Trigger Finger

Trigger Finger _ If you grip things a lot (rock climbing, bouldering, barbell/kettlebell training, paddling sports, manual labor-intensive work, etc), you may have encountered an annoying finger pain called trigger finger. _ What is Trigger Finger? Aka "stenosing tenosynovitis", trigger finger is basically when one of your finger tendons gets stuck in a tendon sheath. It's characterized mainly by pain, locking up or clicking when the fingers flex. _ People with TF develop a physical restriction (feels like a bump) upon the tendon itself due to inflammation from overusage. This bump may have difficulty passing through a ligamentous structure called your A1 pulley, which basically acts like anchor to prevent your finger tendons from "bowstringing" whenever you bend your finger. The locking phenomenon occurs when this bump on your tendon has difficulty passing through the A1 pulley resulting in irritation, inflammation, pain and difficulty bending/extending the finger. _ What to Do? As with most overuse injuries, resting from the incriminating activity will help. Splinting the finger into extension at nighttime has been shown (albeit with low level evidence) to improve certain outcome measures like pain, range of motion, strength, etc. During the day, an effective strategy can be to place some tape on your PIP joint (or middle knuckle) for some tactile feedback to temporarily limit finger flexion. And in cases where conservative management is unsuccessful, one can get a corticosteroid shot or even a surgical pulley release. - Self Treatment: See a physical therapist or MD before trying any self-treatments learned through social media, including this account! Swipe left to see some passive ROM exercises I have my patients do in the early stages to promote some gliding of the tendons without contracting them. In the sub-acute stages when pain and inflammation are under more control and ROM has improved, active finger flexion exercises with the wrist in various positions can strengthen the tendons and nourish the articular cartilage of the finger joints. In some cases, if tolerable I will have patients perform active ROM exercises in some of these positions.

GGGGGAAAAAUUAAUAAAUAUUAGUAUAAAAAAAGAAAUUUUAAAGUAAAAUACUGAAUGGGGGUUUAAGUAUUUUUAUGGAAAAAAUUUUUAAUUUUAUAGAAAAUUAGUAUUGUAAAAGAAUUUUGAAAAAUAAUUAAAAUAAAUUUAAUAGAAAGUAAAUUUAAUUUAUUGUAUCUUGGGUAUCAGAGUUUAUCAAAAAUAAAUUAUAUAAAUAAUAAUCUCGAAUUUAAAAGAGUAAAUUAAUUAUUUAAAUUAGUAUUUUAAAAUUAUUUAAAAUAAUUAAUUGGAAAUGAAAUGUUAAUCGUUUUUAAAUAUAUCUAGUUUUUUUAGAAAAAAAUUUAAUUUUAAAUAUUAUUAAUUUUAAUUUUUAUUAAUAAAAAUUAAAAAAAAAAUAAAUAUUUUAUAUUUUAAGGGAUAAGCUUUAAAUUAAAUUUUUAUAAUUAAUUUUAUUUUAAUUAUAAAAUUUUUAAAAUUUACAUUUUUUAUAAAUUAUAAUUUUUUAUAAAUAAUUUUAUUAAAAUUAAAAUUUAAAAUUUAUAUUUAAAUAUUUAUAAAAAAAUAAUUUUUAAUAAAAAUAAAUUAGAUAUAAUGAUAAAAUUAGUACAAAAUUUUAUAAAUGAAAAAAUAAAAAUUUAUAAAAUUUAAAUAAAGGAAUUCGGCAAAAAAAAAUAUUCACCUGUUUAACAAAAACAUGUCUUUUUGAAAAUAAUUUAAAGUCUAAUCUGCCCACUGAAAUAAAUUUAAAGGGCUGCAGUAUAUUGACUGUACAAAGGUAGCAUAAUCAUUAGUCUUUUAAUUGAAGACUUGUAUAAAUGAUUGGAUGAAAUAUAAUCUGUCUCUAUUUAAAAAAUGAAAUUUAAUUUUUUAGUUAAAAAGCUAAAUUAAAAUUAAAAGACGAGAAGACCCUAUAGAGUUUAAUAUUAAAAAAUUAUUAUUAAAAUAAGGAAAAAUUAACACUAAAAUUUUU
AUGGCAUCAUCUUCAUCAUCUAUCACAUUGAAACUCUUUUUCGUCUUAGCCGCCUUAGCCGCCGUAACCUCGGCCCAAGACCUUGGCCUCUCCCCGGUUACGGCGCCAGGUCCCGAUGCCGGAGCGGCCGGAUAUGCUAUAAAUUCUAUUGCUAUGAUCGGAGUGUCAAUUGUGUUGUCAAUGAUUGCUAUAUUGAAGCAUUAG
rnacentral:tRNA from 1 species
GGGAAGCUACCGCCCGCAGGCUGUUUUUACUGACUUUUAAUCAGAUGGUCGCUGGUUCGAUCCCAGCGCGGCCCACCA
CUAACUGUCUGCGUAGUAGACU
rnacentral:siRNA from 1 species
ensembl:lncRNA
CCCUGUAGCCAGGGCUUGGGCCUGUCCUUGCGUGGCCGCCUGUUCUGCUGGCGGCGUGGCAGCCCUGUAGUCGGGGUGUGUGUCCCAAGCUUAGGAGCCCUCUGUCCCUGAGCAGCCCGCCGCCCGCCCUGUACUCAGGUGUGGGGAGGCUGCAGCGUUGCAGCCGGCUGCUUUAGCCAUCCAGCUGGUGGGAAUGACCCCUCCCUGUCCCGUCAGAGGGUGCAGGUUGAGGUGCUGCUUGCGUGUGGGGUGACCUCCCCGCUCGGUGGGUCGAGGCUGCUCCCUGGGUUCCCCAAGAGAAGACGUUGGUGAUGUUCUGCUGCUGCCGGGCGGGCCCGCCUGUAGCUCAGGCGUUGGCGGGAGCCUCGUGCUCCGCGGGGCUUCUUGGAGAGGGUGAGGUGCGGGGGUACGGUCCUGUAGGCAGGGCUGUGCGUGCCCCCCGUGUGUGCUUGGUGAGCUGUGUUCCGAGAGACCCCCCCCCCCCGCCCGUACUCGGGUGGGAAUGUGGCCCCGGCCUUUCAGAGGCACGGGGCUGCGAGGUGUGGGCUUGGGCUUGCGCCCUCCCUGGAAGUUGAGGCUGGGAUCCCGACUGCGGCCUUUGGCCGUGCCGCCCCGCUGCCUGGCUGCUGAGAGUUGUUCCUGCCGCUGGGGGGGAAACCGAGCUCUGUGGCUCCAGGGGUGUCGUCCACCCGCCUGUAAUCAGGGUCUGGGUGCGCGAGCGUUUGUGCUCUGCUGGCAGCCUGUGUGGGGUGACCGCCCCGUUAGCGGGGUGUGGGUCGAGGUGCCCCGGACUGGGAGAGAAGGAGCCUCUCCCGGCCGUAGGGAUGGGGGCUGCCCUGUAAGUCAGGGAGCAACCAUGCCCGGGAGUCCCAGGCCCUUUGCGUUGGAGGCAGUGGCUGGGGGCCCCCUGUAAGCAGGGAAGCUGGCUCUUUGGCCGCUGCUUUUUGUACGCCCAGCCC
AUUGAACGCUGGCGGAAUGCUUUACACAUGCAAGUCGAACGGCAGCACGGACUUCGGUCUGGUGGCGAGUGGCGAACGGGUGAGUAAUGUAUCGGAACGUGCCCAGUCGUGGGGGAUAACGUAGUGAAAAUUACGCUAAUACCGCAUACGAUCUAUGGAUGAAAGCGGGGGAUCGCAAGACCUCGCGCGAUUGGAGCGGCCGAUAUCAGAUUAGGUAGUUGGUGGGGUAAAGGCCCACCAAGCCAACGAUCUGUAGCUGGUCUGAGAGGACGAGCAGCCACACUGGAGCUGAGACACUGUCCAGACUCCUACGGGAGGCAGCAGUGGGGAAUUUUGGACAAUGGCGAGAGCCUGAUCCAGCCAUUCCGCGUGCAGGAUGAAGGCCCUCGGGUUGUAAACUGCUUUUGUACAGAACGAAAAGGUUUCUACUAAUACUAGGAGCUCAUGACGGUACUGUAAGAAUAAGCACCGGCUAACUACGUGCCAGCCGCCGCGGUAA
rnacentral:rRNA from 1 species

A post shared by PhysioStrength (@physiostrengthnyc) on